Simpson, William H.
American, 19th century, male.
Born c. 1818, in Buffalo; died 1872, in Boston.
William H. Simpson was apprenticed to the painter Matthew Wilson then settled in Boston in 1854 and there acquired a certain renown as a portrait painter. He was publicised by William Wells Brown, author of The Rising Sun, or the Antecedents and Advancement of the Colored Race, (1876) who also collected together most of the biographical material on the artist. He is above all known for his portraits of the Loguen (Jermain, a former slave who became bishop of the African Methodist Episcopal Church in New York, and his wife Caroline). In these he showed a sensitive touch, giving his designs a dignified and serene presence. After the fashion of other Afro-American painters of the first half of the 19th century, the black people that he painted seem to be totally integrated into the society of their times, both in their attitude and in their costume. It is possible to see in the portraits the wish of the painter to assert himself according to contemporary aesthetic criteria as well as the wish of the designs to consolidate or to acquire social recognition. William Simpson appeared in thematic group exhibitions on Afro-American artists, such as: 1941, American Negro Art, 19th and 20th Centuries, Downtown Gallery, New York, 1945, 1967, Howard University, Washington DC.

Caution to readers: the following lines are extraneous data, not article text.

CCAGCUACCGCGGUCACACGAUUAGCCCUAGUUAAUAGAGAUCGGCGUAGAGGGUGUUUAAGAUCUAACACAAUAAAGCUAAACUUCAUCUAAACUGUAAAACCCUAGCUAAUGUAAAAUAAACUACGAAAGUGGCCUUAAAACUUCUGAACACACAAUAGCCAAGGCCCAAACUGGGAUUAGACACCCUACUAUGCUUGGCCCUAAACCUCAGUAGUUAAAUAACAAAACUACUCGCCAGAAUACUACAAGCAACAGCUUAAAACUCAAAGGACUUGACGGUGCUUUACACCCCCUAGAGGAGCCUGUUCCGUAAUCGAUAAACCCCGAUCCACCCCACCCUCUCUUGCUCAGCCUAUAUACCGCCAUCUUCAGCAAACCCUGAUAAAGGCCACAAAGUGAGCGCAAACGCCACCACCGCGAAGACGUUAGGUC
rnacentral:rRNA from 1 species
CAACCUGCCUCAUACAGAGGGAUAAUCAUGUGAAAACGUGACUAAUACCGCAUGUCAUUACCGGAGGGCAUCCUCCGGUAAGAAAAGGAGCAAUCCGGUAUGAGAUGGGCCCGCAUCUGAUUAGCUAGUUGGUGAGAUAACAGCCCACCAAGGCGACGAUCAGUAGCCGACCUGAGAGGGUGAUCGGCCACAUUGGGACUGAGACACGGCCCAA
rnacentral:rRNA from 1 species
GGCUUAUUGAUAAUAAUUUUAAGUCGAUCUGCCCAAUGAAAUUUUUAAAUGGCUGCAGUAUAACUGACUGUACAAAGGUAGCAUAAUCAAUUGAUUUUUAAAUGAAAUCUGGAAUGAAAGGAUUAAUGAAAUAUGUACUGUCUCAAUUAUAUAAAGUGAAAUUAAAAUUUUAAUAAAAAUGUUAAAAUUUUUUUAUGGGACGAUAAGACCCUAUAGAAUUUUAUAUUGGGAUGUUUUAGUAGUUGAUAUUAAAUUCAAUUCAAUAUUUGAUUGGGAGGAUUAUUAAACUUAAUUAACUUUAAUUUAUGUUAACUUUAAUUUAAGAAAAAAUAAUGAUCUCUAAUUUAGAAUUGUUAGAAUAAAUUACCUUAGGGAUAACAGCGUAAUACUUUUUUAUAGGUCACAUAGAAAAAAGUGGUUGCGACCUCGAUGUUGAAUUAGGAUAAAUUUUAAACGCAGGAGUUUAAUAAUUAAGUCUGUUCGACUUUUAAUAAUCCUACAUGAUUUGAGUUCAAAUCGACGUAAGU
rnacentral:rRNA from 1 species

Museum and Gallery Holdings
Washington DC (GA, Howard University): Bishop Jermain Wesley Loguen (1835, oil on canvas)
- Greene, Caroll Jr.: ‘Perspective: The Black Artist in America’ in Art Gallery Magazine, periodical, New York, April 1970.
- Dickason Cederholm, Theresa (ed.): Afro-American Artists. A Bio-Bibliographical Directory, Trustees of the Boston Public Library, Boston, 1973.
- Lewis, Samella: African American art and artists, periodical, University of California Press, Berkeley, 1994.